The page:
Wednesday, December 20, 2017

Musical Artists Trying to Ban Their Music for Karaoke

     Here is some news that really makes me mad, more than 100 artists are pushing for a ban on the use of their material for karaoke.  I guess that they don’t make enough for their effort and afraid that some bar singer might belt out a better version of their song.  It is a sorry day to see this happening.  It is my feeling that it is time to boycott the artists that that aren’t satisfied that they receive royalties for their works sung by karaoke singers even though they are not even a part of the performance.
     Karaoke singers have been banned by top stars like Abba and Adele and more than 100 bands and performers are no longer issuing new licenses for their music.   Don’t panic or anything, but your days of badly singing Hello and Dancing Queen at the top of your lungs during Karaoke could be over.   Adele, Abba, and Katy Perry tracks feature on a long list of bangers that have been banned from being performed on karaoke. We kid you not! No more Adele on Karaoke?  The London born star’s smash hit single Hello, Katy’s Roar and Abba’s classic Dancing Queen are sadly some of the legendary tunes that karaoke fans will be prohibited from belting out, as 100 bands and performers are no longer issuing new licenses for their music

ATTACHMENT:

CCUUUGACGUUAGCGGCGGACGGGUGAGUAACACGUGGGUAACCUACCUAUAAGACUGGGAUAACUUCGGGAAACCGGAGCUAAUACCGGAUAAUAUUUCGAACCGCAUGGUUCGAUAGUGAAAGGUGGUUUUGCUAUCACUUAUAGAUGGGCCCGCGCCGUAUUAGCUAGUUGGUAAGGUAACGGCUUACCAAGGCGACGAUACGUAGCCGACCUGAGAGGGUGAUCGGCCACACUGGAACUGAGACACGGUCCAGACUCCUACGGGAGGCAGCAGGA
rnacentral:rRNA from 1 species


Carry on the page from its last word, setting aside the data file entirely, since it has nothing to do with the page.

Bars and companies which re-create hits without the vocals are baffled by the move because it deprives the artists of royalties.  The ban already applies to online streaming services but will be extended to discs from January.  And future releases will no longer be available on any format.  Other artists on the list include the Bee Gees, Eurythmics, Katy Perry, Paul Weller and New Order.  He said: “We can’t understand why they’re doing it, it makes no sense.”  Jay Taylor, director of karaoke disc-maker Vocal-Star, said the move, which also affects home karaoke machines, will devastate the industry.     Rob Kempton of music rights consultancy Footprint Music said a variety of reasons could be behind the ban.  He said: “Artists might want to negotiate their own deal with karaoke companies, or it might be they don’t want songs overplayed and put people off.  "Maybe some just don’t like karaoke.”